Learn all there is to know about Buffers in NodeJS

Have you been a Node developer for years, but have never come across Node Buffers? Maybe, you have come across the term a few times, but always shied away from learning what buffers are? You may have never actually needed to use buffers before. Node.js is not a language that forces programmers to deal directly with how programs manage memory. But if you are committed to going the extra mile to become an expert Node developer, you’ll have to grapple with concepts like buffers to understand how Node works under the hood.

At first glance, you’ll feel like Node Buffers are such a complicated topic to understand. But in reality, that’s not the case. The problem starts when all the online tutorials you look at start with creating Node Buffers and manipulating them without first explaining what actually buffers are. To not make the same mistake here, I’ll have to explain what buffers are first. But before understanding what buffers are, we have to tackle a few other concepts that come up when trying to understand buffers.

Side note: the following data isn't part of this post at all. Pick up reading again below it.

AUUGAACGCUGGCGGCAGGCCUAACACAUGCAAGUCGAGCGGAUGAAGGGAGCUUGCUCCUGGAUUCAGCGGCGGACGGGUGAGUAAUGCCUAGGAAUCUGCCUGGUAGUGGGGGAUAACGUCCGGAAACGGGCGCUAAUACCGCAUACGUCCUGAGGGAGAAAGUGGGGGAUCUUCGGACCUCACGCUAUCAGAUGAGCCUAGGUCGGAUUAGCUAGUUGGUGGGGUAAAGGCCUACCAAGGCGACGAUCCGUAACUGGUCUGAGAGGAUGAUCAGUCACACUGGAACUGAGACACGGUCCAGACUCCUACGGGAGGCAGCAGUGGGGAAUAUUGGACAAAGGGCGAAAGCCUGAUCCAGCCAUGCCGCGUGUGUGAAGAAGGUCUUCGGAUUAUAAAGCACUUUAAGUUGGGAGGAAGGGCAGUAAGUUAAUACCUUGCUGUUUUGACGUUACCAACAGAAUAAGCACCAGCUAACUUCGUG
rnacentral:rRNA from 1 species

To understand buffers properly, we should understand about binary data, character encoding, and streams. If you don’t see how these things matter to buffers yet, don’t worry, they all come together, in the end, to explain what buffers are.

What is Binary Data?

If you already know what binary data are, you can skip to the next topic directly. Others should just hold on to see what binary data are.

The binary number system is another number system like the decimal number system we use. Unlike the decimal number system, which uses digits from 0-9 to represent numbers, the binary number system uses only the digits 0 and 1 to represent numbers. Here are some examples of binary numbers.

0, 1, 10, 101, 1011011, 1000101

Each digit in a binary number is considered as a Bit in Computer Science. A combination of 8 bits is called a Byte. But what does Computer Science has to do with binary numbers? Computers use binary numbers to store and represent data. So, every type of data stored in computers is ultimately stored as a set of binary numbers. We call these data Binary Data.

To store every type of data as binary data, computers should know how to convert them to binary data. Computers have different mechanisms to achieve this. Let’s see what they are.

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A Complete Introduction to Node Buffers
1.55 GEEK